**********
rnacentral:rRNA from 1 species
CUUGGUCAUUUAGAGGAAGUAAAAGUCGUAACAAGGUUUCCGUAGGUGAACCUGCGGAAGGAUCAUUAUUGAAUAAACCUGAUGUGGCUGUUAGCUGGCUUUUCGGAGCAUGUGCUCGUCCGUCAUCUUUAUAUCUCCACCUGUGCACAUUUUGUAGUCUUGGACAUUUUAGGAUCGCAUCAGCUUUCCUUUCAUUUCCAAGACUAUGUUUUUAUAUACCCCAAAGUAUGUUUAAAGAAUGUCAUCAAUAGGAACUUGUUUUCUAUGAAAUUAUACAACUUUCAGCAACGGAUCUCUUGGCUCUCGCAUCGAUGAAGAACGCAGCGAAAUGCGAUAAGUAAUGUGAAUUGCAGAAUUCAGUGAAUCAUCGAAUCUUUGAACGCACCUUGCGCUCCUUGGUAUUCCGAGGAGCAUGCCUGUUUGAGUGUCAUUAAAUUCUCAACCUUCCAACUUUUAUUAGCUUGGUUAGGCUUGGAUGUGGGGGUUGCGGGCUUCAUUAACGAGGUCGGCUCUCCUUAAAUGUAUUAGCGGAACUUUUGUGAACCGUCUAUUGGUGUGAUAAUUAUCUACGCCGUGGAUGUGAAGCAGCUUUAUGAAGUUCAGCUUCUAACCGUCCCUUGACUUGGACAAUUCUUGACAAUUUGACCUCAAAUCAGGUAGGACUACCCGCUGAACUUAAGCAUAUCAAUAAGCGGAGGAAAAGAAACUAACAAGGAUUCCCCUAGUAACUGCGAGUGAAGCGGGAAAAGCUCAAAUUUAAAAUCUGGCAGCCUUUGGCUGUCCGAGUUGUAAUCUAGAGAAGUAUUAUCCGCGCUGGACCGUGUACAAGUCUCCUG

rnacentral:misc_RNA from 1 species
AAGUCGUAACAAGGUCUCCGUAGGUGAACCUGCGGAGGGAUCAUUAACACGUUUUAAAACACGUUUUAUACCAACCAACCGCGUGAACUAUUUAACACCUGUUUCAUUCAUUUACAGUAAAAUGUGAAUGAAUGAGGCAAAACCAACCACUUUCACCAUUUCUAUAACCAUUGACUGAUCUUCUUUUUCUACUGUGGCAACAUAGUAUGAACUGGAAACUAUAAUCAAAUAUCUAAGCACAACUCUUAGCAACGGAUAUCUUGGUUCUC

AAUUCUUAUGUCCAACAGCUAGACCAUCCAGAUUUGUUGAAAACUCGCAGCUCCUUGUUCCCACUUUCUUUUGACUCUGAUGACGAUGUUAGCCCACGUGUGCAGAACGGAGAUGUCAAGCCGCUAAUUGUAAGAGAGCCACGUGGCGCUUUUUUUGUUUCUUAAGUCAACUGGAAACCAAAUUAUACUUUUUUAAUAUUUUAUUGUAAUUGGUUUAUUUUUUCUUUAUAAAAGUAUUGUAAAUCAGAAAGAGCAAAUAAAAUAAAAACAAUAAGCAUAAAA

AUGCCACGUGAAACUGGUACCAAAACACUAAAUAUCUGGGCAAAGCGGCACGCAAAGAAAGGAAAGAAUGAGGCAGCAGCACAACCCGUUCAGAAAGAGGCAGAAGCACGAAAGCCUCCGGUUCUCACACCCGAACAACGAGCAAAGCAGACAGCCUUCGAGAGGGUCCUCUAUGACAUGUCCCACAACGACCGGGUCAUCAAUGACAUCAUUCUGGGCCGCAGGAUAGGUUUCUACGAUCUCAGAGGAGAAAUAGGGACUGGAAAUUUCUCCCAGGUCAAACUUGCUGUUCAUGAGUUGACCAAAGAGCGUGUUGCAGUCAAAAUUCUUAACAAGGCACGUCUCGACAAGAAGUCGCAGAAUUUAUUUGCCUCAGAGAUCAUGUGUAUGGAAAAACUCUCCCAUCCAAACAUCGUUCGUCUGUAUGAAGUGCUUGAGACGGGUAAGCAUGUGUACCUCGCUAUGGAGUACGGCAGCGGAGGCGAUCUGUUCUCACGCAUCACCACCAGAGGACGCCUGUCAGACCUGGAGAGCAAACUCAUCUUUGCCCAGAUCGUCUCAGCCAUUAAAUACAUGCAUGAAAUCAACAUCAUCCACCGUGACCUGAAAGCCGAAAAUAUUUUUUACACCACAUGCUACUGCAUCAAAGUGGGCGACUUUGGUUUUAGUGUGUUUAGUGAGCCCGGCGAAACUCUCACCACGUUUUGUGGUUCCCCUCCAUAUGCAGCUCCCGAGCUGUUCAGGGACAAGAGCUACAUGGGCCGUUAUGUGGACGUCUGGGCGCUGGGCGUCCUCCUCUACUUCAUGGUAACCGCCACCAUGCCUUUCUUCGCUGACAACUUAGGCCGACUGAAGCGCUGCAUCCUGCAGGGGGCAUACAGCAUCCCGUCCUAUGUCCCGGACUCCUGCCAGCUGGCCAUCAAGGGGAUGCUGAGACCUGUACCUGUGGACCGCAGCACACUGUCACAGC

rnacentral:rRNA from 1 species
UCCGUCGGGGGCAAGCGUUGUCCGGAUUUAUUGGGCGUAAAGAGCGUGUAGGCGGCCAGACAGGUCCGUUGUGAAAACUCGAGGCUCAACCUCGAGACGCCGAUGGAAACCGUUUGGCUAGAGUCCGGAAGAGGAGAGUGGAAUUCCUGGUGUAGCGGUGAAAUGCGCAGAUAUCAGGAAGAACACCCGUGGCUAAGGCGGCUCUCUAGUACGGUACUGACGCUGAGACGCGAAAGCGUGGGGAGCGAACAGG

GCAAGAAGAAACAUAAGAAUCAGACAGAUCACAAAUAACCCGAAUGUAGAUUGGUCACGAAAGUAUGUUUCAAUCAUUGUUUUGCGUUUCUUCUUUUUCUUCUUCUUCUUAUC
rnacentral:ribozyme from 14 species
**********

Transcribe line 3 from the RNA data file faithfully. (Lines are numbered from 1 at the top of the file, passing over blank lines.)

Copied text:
rnacentral:misc_RNA from 1 species